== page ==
Financial Performance and Real Estate
Financial performance and real estate?!? How the heck are they related in a business sale??
Well, they aren’t, really – except that last week’s post got quite a few comments and they were mostly about two things: examining the financials and determining the best way to handle the real estate. Business sellers and business brokers need to understand the importance of both when considering bringing a business – small or not-so-small – to market.
If you’re a business broker – or aspiring to become one – the former is important from the standpoint of valuation. The later is important from the standpoint of understanding the myriad ways a deal might be structured.
Let’s take a brief look at both.
A company’s financial performance is arguably its most important indicator of value. Unless a buyer is looking for a hobby – or for some way of keeping one or more of his wayward offspring out of jail – he or she is going to be asking, among other questions, “how much money will this business put into my pocket every year?” This is the question that the broker’s Offering Memorandum should clearly answer. Much of the buyer’s due diligence work will be spent confirming this. (Make it easy for them!)
Financial performance of the company should be clearly illustrated and supported by all sorts of data including, but not limited to, tax returns, bank statements, financial statements, payroll records, tax filing receipts, etc. and for larger businesses, auditor’s notes and work papers.
Though the buyer of a Main Street business – AKA, a “mom and pop” business – may not have a team of advisors to consult with, most will have some counselor that will be asked to “look over the numbers”. Make sure they are clear and easy to understand. Your job is to make it easy for the buyer to get to “yes”.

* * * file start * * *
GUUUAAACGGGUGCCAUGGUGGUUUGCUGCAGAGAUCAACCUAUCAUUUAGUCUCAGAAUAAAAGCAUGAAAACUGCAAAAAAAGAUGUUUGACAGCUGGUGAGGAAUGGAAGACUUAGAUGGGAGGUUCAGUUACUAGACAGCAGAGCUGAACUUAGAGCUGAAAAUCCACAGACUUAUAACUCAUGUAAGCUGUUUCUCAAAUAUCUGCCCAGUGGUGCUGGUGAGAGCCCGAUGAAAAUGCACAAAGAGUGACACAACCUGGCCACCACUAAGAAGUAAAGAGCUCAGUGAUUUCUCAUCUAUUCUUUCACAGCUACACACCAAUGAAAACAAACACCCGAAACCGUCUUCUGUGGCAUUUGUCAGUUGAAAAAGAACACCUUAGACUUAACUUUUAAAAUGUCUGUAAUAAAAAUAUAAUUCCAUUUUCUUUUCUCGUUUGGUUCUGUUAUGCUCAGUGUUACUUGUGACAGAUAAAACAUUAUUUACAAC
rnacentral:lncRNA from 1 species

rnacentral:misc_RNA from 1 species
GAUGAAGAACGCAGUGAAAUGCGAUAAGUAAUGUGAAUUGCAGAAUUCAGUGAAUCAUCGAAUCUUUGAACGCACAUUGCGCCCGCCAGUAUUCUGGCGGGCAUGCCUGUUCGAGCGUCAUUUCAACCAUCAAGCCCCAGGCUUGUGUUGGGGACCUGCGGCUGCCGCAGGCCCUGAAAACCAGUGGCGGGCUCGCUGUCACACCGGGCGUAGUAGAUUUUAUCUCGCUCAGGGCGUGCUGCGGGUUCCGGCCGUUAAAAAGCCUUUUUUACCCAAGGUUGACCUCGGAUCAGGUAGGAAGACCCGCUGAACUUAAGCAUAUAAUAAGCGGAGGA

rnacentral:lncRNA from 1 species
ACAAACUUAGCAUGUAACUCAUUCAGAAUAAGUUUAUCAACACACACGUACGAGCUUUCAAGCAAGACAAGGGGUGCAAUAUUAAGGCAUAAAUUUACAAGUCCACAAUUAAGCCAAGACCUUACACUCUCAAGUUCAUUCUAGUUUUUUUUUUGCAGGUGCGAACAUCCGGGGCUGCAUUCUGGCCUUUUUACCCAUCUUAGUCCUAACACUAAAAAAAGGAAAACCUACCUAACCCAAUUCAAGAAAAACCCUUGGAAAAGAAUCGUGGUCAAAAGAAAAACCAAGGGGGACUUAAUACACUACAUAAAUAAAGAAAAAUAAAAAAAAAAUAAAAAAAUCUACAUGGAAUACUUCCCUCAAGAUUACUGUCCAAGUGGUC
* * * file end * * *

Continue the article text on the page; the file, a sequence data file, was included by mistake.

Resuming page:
Buyers of larger businesses will most likely have a team of third-party talent working on their behalf. Strategic buyers – companies that are growing through acquisition – will in many cases have in-house talent. In both situations, the analysts will tear your Offering Memorandum (and financial data) apart looking for gaps, errors or anything that doesn’t add up. In the case of the company’s financial performance, the less they find to question, the more they’ll trust what you tell them.
What’s the Number?
The financial performance analysis will examine all revenue sources and expense categories. It will consider recurring revenues. It will look closely at existing contracts to try to determine whether the existing numbers are likely to grow, remain the same or fall. But it has to start by determining one number: the seller’s Discretionary Earnings.
Discretionary earnings is the answer to the question, “how much money will this business put into my pocket every year?” Though there are many other aspects to consider when estimating the value of a small or mid-size company, determining what those earnings are is a major component of determining value, especially in a small business. We show you how to do this in our upcoming course, The “How-To” of Becoming a Business Broker”. If you’d like to learn more about that course, let me know where to send the information:
If the business owns the real estate, the seller’s options might be limited. Having the business lease the real estate it uses from an unrelated landlord takes the issue of real estate off the table and its value out of the financial analysis (though the existing lease – rental rate, remaining term, terms for renewal, etc. – must be considered). But if the real estate is held by an entity that is owned, in whole or in part, by the owner of the business, but separate from the business, you have the optimal situation.
Why? Because the sellers then have several options for a “liquidity event” and the choice they make will be dictated by their exit strategy. If they want cash now but the business is not quite worth what they need in retirement, they can sell the real estate and keep the business until its value increases to their target level.